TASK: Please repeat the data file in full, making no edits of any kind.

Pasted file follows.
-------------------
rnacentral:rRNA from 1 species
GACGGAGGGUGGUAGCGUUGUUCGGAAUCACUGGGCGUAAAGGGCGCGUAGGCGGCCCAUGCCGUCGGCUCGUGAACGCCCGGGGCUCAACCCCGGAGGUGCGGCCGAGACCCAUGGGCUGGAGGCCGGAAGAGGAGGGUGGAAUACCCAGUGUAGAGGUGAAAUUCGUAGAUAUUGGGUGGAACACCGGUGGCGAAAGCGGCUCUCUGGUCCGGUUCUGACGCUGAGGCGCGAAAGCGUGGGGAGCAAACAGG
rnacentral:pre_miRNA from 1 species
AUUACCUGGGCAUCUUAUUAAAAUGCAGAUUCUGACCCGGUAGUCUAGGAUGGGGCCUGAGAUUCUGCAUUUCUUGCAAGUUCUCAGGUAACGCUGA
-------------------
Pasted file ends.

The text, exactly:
rnacentral:rRNA from 1 species
GACGGAGGGUGGUAGCGUUGUUCGGAAUCACUGGGCGUAAAGGGCGCGUAGGCGGCCCAUGCCGUCGGCUCGUGAACGCCCGGGGCUCAACCCCGGAGGUGCGGCCGAGACCCAUGGGCUGGAGGCCGGAAGAGGAGGGUGGAAUACCCAGUGUAGAGGUGAAAUUCGUAGAUAUUGGGUGGAACACCGGUGGCGAAAGCGGCUCUCUGGUCCGGUUCUGACGCUGAGGCGCGAAAGCGUGGGGAGCAAACAGG
rnacentral:pre_miRNA from 1 species
AUUACCUGGGCAUCUUAUUAAAAUGCAGAUUCUGACCCGGUAGUCUAGGAUGGGGCCUGAGAUUCUGCAUUUCUUGCAAGUUCUCAGGUAACGCUGA